Polyphase structural mapping and mineral age dating across the Salmon River suture zone in west-central Idaho (Riggins region; ∼45°30′N, ∼117°W–116°W) support a late Mesozoic history of penetrative deformation, dynamothermal metamorphism, and intermittent magmatism in response to right-oblique oceanic-continental plate convergence (Farallon–North America). High-strain linear-planar tectonite fabrics are recorded along an unbroken ∼48 km west-to-east transect extending from the Snake River (Wallowa intra-oceanic arc terrane; eastern Blue Mountains Province) over the northern Seven Devils Mountains into the lower Salmon River Canyon (ancestral North America; western Laurentia). Given the temporally overlapping nature (ca. 145–90 Ma) of east-west contraction in the Sevier fold-and-thrust belt (northern Utah–southeast Idaho–southwest Montana segment), we propose that long-term terrane accretion and margin-parallel northward translation in the Cordilleran hinterland (∼41°N–46°N latitude; modern coordinates) drove mid- to upper-crustal shortening >250 km eastward into the foreland region (∼115°W–113°W). During accretion and translation, the progressive transfer of arc assemblages from subducting (Farallon) to structurally overriding (North American) plates was accommodated by displacement along a shallow westward-dipping basal décollement system underlying the Cordilleran orogen. In this context, large-magnitude horizontal shortening of passive continental margin strata was balanced by the addition of buoyant oceanic crust—late Paleozoic to Mesozoic Blue Mountains Province—to the leading edge of western Laurentia. Consistent with orogenic float modeling (mass conservation, balance, and displacement compatibility), diffuse dextral-transpressional deformation across the accretionary boundary (Salmon River suture: Cordilleran hinterland) was kinematically linked to eastward-propagating structures on the continental interior (Sevier thrust belt; Cordilleran foreland). As an alternative to noncollisional convergent margin orogenesis, we propose a collision-related tectonic origin and contractional evolution for central portions of the Sevier belt. Our timing of terrane accretion supports correlation of the Wallowa terrane with Wrangellia (composite arc/plateau assemblage) and implies diachronous south-to-north suturing and basin closure between Idaho and Alaska.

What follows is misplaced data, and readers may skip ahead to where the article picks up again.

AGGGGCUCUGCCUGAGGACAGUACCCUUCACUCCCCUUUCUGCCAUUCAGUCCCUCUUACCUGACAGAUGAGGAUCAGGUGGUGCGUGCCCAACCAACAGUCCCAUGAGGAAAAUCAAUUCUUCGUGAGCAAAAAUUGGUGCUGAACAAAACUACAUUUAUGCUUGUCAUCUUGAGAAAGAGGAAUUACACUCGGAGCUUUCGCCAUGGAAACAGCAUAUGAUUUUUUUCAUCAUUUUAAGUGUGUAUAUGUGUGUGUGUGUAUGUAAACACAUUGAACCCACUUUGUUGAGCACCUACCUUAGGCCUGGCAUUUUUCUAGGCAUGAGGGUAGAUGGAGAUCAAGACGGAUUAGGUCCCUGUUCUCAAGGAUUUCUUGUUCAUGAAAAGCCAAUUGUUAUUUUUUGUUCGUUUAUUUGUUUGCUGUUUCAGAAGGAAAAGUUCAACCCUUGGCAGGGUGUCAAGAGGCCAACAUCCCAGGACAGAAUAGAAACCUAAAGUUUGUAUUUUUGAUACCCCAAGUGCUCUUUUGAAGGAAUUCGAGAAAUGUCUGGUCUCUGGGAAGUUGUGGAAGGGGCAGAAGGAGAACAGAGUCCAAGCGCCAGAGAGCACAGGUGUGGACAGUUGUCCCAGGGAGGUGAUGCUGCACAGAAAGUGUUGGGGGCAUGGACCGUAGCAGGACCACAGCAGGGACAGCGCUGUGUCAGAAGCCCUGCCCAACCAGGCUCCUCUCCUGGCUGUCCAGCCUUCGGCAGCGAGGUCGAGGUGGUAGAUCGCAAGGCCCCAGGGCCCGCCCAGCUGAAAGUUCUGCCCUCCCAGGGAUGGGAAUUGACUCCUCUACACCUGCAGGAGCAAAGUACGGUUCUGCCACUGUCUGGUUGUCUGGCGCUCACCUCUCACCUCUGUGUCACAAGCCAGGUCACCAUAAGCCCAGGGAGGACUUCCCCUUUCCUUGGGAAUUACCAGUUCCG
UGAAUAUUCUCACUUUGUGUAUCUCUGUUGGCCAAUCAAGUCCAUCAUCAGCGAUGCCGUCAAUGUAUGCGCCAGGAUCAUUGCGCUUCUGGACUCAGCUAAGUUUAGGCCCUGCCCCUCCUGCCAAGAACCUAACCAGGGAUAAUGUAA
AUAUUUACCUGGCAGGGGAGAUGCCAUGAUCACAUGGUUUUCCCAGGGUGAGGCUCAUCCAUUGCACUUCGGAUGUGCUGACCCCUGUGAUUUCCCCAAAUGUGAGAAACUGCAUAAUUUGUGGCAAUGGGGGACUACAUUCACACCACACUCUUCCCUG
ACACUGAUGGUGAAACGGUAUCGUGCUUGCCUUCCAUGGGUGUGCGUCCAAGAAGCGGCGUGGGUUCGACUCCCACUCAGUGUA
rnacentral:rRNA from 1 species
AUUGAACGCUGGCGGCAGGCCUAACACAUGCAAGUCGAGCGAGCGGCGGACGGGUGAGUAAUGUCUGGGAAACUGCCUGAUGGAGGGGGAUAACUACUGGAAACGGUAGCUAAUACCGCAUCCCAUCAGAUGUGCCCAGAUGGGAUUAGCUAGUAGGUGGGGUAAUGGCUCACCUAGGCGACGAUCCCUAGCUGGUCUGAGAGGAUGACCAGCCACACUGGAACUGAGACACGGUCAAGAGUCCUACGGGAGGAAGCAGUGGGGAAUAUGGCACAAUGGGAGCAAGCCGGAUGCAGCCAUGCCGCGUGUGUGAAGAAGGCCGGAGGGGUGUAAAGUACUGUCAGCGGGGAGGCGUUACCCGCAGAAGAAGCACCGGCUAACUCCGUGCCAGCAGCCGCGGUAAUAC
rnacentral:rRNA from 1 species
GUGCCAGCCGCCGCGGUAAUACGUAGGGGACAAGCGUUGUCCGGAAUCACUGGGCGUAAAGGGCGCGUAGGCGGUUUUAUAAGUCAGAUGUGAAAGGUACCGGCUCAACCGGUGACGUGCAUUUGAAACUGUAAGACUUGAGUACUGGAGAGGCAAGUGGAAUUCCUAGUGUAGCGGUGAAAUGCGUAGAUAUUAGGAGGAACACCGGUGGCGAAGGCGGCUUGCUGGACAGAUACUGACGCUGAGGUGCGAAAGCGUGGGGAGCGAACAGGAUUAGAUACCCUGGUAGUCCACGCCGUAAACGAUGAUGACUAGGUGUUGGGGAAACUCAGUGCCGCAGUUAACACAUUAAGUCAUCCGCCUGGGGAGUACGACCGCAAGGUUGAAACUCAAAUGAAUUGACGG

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Gray, Keith D.; Isakson, V.; Schwartz, D.; and Vervoort, Jeffrey D.. (2020). "Orogenic Link ∼41°N–46°N: Collisional Mountain Building and Basin Closure in the Cordillera of Western North America". Geosphere, 16(1), 136-181. https://doi.org/10.1130/GES02074.1